Fake antivirus companies could 'go straight' in 2010
Rogue antivirus or 'scareware' has been a big problem this year, but now some of it actually works.
Many firms trying to push rogue antivirus software could attempt to become legitimate' next year, selling software that isn't malicious and actually offers users some kind of protection.
Security firm Symantec has already seen some rogue antivirus vendors selling rebranded copies of free third-party security software as their own product.
In this case, it means that while users were technically getting antivirus, they are still getting ripped off as they could have got it for free.
Orla Cox, security operations manager at Symantec, said that the huge rise in fake antivirus software this year could lead to a "saturation point".
She claimed that fake antivirus providers legitimising their business was one of the routes that they could take if they wanted to keep making money.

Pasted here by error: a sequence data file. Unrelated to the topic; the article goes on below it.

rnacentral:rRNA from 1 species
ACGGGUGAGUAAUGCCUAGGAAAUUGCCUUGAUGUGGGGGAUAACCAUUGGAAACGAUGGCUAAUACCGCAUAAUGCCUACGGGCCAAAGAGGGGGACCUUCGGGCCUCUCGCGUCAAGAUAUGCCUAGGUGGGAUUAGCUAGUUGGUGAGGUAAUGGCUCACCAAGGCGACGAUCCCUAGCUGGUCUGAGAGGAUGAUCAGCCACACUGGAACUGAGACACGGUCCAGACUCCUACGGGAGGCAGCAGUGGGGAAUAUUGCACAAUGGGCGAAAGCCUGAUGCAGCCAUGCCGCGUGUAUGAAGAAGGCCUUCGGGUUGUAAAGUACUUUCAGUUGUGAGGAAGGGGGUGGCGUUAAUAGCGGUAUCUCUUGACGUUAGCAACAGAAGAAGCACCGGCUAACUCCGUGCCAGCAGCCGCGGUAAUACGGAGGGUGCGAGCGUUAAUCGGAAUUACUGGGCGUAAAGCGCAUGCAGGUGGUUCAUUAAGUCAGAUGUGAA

"Security companies are starting to get ahead of them and users are becoming more aware of this sort of rogue software," she said.
Cox said that in past years security companies had to deal with large amounts of adware, but that a lot of the ad providers had cleaned up' their act.
But it was also warned that fake antivirus providers could just as easily get more aggressive and malicious, by using ransom techniques where they keep files and only release them in return for money.
"Tools actually encrypt files on your system, and some company will offer the decrypt and recover your data at a price," Cox said.
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